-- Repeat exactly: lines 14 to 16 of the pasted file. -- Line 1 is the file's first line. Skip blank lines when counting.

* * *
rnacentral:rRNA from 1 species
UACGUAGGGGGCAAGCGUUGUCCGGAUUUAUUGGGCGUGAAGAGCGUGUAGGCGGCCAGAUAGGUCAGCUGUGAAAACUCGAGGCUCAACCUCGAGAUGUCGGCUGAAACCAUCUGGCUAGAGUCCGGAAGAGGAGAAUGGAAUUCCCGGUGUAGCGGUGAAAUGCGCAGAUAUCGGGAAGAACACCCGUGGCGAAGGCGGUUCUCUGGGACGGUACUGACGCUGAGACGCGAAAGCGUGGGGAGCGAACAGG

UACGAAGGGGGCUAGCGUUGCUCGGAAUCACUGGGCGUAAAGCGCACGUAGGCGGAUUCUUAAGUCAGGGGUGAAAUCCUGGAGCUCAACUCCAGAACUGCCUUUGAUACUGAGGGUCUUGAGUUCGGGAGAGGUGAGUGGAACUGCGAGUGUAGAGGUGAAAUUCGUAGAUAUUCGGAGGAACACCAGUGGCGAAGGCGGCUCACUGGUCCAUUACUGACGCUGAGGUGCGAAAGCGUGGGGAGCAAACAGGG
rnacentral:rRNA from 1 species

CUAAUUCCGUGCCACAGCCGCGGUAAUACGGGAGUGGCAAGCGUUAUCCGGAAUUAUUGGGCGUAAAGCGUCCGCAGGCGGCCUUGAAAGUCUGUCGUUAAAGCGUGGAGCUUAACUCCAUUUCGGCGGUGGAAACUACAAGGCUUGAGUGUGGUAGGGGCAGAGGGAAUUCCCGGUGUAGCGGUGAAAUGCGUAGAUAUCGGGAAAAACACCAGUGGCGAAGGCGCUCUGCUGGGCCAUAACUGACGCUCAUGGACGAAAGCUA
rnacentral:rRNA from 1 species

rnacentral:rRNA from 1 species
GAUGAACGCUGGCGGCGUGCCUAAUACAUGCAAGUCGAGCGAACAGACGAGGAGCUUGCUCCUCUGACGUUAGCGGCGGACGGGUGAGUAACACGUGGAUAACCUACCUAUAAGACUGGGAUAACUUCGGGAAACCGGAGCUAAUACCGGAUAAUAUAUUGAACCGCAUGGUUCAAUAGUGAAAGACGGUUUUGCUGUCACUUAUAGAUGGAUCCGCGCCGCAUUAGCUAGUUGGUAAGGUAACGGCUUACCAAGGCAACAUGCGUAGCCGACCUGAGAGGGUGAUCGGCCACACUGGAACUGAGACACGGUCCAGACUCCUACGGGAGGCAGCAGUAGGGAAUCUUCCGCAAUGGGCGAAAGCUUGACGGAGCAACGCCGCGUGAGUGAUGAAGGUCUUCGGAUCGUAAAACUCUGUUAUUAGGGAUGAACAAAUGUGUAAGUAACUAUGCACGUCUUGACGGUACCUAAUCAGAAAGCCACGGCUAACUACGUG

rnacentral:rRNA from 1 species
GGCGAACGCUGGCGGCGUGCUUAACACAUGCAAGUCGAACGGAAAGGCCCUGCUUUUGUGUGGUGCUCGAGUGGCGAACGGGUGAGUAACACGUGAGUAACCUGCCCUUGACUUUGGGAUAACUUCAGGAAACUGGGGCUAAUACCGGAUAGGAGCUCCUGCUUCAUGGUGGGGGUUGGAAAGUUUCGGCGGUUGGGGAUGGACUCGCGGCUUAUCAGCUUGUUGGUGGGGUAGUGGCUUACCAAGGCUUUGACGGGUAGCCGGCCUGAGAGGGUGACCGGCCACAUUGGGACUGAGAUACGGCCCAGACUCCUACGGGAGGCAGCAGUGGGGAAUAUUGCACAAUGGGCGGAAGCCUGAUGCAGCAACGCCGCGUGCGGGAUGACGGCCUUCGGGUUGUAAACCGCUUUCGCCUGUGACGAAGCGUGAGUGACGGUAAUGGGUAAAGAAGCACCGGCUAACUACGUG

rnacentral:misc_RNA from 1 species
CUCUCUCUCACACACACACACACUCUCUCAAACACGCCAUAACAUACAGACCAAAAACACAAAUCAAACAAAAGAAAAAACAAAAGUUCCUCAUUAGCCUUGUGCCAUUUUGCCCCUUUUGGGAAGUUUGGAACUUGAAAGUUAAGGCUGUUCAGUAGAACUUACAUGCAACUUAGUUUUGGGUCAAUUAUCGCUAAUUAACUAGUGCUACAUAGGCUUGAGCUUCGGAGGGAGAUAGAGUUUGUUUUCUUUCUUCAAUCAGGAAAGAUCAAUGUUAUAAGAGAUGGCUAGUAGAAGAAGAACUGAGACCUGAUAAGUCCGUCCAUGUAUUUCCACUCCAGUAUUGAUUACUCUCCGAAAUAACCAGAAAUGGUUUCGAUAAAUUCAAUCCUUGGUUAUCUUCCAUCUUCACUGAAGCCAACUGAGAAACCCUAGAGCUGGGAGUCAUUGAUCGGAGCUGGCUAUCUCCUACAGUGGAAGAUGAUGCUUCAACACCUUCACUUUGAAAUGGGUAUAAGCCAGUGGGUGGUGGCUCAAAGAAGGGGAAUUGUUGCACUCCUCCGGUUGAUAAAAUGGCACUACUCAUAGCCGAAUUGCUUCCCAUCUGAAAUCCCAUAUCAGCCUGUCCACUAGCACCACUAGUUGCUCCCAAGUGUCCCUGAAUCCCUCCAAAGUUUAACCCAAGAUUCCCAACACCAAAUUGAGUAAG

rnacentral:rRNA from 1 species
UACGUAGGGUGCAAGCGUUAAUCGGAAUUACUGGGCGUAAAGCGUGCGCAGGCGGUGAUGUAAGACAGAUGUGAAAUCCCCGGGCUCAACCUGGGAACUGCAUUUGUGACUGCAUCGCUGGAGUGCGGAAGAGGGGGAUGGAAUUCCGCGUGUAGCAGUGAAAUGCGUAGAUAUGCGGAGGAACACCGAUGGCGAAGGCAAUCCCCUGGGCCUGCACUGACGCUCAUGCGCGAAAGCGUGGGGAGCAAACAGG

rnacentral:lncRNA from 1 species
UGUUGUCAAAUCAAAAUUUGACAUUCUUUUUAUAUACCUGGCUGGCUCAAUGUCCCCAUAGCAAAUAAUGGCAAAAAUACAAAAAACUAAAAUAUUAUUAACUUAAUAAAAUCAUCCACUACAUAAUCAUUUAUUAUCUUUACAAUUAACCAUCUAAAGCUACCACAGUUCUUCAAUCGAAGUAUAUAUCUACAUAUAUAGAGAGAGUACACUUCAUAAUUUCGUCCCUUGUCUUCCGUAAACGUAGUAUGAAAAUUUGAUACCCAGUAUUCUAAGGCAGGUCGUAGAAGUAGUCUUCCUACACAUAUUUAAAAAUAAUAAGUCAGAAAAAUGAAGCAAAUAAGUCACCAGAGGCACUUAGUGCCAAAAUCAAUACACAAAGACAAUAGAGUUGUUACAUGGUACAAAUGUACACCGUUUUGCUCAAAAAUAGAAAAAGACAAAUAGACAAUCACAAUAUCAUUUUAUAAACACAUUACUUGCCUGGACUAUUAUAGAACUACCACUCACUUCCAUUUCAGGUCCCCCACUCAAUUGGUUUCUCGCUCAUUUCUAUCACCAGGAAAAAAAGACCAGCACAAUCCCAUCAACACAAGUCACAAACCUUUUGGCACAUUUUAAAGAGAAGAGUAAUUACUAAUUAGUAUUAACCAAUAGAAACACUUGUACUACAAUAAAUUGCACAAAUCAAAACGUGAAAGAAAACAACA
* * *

UACGUAGGGUGCAAGCGUUAAUCGGAAUUACUGGGCGUAAAGCGUGCGCAGGCGGUGAUGUAAGACAGAUGUGAAAUCCCCGGGCUCAACCUGGGAACUGCAUUUGUGACUGCAUCGCUGGAGUGCGGAAGAGGGGGAUGGAAUUCCGCGUGUAGCAGUGAAAUGCGUAGAUAUGCGGAGGAACACCGAUGGCGAAGGCAAUCCCCUGGGCCUGCACUGACGCUCAUGCGCGAAAGCGUGGGGAGCAAACAGG

rnacentral:lncRNA from 1 species
UGUUGUCAAAUCAAAAUUUGACAUUCUUUUUAUAUACCUGGCUGGCUCAAUGUCCCCAUAGCAAAUAAUGGCAAAAAUACAAAAAACUAAAAUAUUAUUAACUUAAUAAAAUCAUCCACUACAUAAUCAUUUAUUAUCUUUACAAUUAACCAUCUAAAGCUACCACAGUUCUUCAAUCGAAGUAUAUAUCUACAUAUAUAGAGAGAGUACACUUCAUAAUUUCGUCCCUUGUCUUCCGUAAACGUAGUAUGAAAAUUUGAUACCCAGUAUUCUAAGGCAGGUCGUAGAAGUAGUCUUCCUACACAUAUUUAAAAAUAAUAAGUCAGAAAAAUGAAGCAAAUAAGUCACCAGAGGCACUUAGUGCCAAAAUCAAUACACAAAGACAAUAGAGUUGUUACAUGGUACAAAUGUACACCGUUUUGCUCAAAAAUAGAAAAAGACAAAUAGACAAUCACAAUAUCAUUUUAUAAACACAUUACUUGCCUGGACUAUUAUAGAACUACCACUCACUUCCAUUUCAGGUCCCCCACUCAAUUGGUUUCUCGCUCAUUUCUAUCACCAGGAAAAAAAGACCAGCACAAUCCCAUCAACACAAGUCACAAACCUUUUGGCACAUUUUAAAGAGAAGAGUAAUUACUAAUUAGUAUUAACCAAUAGAAACACUUGUACUACAAUAAAUUGCACAAAUCAAAACGUGAAAGAAAACAACA